Monday, February 25, 2013

Life Lessons 21: Sacrifice

A week ago Nickel had been absolutely thrilled when his teacher announced that they would be beginning to study the Rebellion, starting with the 74th Hunger Games, in history. Regardless of who his parents were, his knowledge wasn't much better than his fellow classmates on the subject. He knew the basics just like everyone else, but it wasn't something openly discussed with his parents.

Seeing the familiar names of his parents in a school book was thrilling. It made him feel special and proud. Yet his feelings changed a bit as the week went on. Nickel imagined kids in other Districts didn't feel quite the same as he did while learning this stuff in school. Sure, they were affected by the war. They probably knew people in the war. But they'd never met the Mockingjay and Peeta Mellark like everyone in his class had. More importantly, they weren't their parents.

The class didn't go into much detail on all of the events. It was apparently believed that young children just needed to learn the sugar-coated, short version of history. The darker, more complicated parts could be shared with them later in life. There was just one little problem. Although Nickel could tell that Mrs. Power tried to disguise the grittier parts, it was hard to hide everything. A hundred years from now children learning the same thing would have a glorified picture of the events they were studying, but for Nickel and his peers it was too recent. This wasn't like the faraway historical figures they'd studied earlier in the year. This was the pain they could see on every adults' face whenever the Rebellion was mentioned. Even the normally cheerful Mrs. Power taught with a pinched look.

The aftermath of the 3rd Quarter Quell hit Nickel the hardest. He suddenly began to wonder what District 12 had been like before the catastrophic bombings. He'd heard of the event briefly in the past, but the true destruction they'd caused had never been in the forefront of his mind. What had the relatively new buildings that he knew as his home taken the place of?

The Quarter Quell aftermath was also when he discovered a truely shocking piece of information: his father had been held captive by the Capitol. The book was unclear about what had happened to him while in the hands of the corrupt government. Apparently, neither Peeta nor any other person in-the-know had ever spoken openly about it. Mrs. Power's face showed great curiousity when she shared that little fact, and Nickel could tell by the look shot his way that she was hoping he could tell her everything. Nickel would have felt slighty offended at the way his teacher and classmates looked at him as if they wanted him to confess all of the "family secrets," but all he felt was shock. He knew his parents had been through hard times. He knew that they had killed and seen death, but it seemed like their horrible pasts just became worse and worse the more he learned.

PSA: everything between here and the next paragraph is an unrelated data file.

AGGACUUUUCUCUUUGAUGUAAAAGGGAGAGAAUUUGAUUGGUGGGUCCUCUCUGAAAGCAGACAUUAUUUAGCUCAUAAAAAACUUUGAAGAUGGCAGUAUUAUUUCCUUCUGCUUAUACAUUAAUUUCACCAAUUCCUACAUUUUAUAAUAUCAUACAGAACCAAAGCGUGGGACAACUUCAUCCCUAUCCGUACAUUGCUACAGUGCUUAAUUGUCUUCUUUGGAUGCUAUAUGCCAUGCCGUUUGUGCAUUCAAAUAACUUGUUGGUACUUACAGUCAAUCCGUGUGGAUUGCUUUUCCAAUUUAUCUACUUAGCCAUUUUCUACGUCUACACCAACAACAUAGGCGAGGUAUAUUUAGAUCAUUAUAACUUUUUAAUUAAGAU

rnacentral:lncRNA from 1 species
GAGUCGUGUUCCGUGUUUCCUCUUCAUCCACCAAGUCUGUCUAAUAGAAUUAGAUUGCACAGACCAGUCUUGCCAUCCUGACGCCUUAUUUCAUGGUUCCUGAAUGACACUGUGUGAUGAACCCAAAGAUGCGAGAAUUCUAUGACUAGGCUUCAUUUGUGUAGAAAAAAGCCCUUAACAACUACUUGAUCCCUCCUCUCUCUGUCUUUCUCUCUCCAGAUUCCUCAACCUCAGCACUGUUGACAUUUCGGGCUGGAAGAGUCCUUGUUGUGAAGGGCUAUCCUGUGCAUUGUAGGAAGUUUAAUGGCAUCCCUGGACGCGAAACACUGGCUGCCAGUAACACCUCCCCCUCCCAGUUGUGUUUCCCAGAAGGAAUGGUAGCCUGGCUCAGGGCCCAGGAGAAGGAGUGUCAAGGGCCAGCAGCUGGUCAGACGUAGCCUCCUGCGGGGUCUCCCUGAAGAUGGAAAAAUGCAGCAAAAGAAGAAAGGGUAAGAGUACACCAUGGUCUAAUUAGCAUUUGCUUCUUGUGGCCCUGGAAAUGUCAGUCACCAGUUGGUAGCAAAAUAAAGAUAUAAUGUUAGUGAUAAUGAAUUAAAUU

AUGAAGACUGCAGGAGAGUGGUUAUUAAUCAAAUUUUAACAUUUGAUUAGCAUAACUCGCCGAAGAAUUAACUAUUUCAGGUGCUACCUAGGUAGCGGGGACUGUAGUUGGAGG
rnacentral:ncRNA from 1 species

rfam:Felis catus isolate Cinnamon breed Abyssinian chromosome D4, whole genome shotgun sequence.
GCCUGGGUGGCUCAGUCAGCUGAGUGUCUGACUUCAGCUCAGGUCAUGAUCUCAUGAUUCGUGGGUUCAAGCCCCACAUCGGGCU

Even at nine years old Nickel had the discretion to know that his parents wouldn't want to know what he was studying. He could picture their faces. They'd wonder what he thought about their horrible pasts. It was just better to stay quiet about the whole thing. Yet Nickel found it difficult to not bring it up when it seemed to be on his mind constantly.

On the day Mrs. Power finally began to teach about the final day of the war Nickel finally learned just what had happened to his Aunt Prim. He knew of her from passive mentions by his parents and from her pages in The Book, but his understanding of what had happened to her had been nonexsistent. Mrs. Power was obviously unaware of this fact and had no problem matter-of-factly telling the class that Primrose Everdeen had exploded in a bomb along with many other children and medical workers. She didn't use those words of course. Things had to be muted for the young children's ears, but Nickel had a feeling he was the only one really picturing it.

The picture didn't give him any emotional distress. He'd never known his aunt afterall, but it hurt him to think of what that must have done to his mother. Nickel couldn't imagine what it would be like if something like that happened to Dani. That's what made him go straight for his mother after school. Katniss seemed confused, but she accepted the hug nonetheless. Nickel remained sure of the fact that he was doing her a favor by not mentioning his history class, but he wanted to let her know he was sorry all the same.

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